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My three regular readers know that I have a shrine in my back yard that is dedicated to all the bored gods whose names and identities have been lost in the mists of time. Sort of a Tomb of the Unknown Soldier, except not a tomb, because deities are immortal.
Showing the utmost respect, I have made this shrine fairy/faerie-worthy by placing all sorts of wonderful pretty stuff in it: sea glass, iridescent marbles, crystals, Marcellus shale, sea shells ... rocks from places I've been. In the middle of last week, I found a bag of beautiful minerals at the thrift store. They're now on the Shrine of the Mists.
My shrine sits under an ancient pear tree that bears inedible fruit. Well, I should say that it's inedible to humans. Hornets flock to it. The squirrels seem to like it too, and I have a suspicion the possums and raccoons aren't picky either.
Saturday evening I looked out at my shrine, and I saw wings moving on it. Black wings, beating back and forth contentedly. When I went out with my ritual candle, I found a swallowtail butterfly feeding on a pear that had fallen into the shrine. Careful not to disturb the butterfly, I set down my candle (mindful also of the happy hornets that wouldn't be happy if I stepped on them).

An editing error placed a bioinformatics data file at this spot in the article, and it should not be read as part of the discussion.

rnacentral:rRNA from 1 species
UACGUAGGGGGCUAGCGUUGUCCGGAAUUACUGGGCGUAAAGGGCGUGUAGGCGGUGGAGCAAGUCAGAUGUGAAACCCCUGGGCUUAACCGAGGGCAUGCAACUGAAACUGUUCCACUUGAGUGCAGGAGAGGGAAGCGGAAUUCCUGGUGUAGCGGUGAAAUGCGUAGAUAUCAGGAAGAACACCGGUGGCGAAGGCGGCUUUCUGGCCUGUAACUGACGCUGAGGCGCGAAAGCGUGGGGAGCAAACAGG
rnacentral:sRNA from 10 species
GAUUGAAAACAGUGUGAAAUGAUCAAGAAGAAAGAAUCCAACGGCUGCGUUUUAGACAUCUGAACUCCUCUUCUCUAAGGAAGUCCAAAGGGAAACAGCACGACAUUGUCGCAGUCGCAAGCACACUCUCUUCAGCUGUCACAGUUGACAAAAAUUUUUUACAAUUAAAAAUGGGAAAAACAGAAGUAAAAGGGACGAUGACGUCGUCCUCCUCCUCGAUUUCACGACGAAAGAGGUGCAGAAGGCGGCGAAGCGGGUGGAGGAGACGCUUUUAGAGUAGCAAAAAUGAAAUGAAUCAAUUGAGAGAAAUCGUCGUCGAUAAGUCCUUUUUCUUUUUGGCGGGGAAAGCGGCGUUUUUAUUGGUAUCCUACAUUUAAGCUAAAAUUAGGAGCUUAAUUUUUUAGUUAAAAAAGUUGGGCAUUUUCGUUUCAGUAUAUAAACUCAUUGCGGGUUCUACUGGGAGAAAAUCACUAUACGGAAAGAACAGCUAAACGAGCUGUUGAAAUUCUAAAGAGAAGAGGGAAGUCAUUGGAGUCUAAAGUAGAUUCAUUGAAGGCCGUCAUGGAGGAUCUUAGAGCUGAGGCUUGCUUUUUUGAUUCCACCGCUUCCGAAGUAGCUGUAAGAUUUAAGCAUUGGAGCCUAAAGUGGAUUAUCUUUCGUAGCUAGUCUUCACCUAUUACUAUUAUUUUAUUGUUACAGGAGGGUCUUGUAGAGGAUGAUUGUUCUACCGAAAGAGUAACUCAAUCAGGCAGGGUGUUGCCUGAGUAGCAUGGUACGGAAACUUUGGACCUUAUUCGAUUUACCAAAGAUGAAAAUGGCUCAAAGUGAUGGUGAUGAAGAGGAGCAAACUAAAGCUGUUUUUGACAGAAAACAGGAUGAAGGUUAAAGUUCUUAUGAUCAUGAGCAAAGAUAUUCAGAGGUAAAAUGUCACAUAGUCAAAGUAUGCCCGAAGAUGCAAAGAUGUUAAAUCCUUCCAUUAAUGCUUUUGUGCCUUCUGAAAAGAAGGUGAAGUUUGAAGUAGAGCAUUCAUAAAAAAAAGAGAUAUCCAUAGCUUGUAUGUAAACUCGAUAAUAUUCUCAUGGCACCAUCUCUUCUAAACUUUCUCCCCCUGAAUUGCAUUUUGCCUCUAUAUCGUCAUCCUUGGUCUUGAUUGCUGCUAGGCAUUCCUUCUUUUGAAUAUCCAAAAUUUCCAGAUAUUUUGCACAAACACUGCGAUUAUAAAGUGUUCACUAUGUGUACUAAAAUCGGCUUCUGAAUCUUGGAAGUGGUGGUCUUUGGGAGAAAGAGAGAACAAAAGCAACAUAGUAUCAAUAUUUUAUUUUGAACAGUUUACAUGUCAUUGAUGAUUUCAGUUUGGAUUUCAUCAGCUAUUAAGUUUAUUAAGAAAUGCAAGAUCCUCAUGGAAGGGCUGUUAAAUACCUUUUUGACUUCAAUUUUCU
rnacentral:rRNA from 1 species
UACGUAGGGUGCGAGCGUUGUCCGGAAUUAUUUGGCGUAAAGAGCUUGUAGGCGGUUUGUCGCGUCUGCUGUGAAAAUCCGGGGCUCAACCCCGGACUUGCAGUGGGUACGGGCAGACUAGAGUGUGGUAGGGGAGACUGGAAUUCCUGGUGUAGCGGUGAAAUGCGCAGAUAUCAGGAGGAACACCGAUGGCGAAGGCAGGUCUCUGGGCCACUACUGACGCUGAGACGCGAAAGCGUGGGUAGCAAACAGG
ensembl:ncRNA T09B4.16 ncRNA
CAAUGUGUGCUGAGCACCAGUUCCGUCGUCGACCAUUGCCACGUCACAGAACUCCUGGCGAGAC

When I put the candle on the altar stone, I noticed a single wing lying on the stone. It was beautiful. Looked like this.
I said to the butterfly, "You'd better be careful. A faerie has lost its wing and will probably be back for it."
Then, as a prank, I went back into the house and called The Spare. "Spare!" I shouted. "There's a faerie on the shrine!"
She came downstairs. I pointed to the black object at the edge of the shrine. It wasn't moving.
Spare (oozing teenage disbelief) started down the back porch steps. Slowly. Just as she hit the bottom step, the butterfly moved its wings one beat. And Spare jumped a mile! Then she went to investigate, came back inside with teenage disbelief firmly established, and coolly informed me that it was a swallowtail butterfly.
Yes. There was a butterfly sipping a pear on my shrine Saturday afternoon. It was a butterfly. But what happened to the wing on the altar stone? When I went back outside Sunday, the wing was gone! It couldn't have blown away -- the shrine is bowl-shaped with walls.
It's gone. The faerie wing is gone.
Personally I do not need evidence from my five senses to have the faerie faith. If you do, there you have it. This was a wing right out of Arthur Rackham, and it disappeared overnight.
The moral of this sermon is simple indeed. Faeries exist, and you had better show them respect.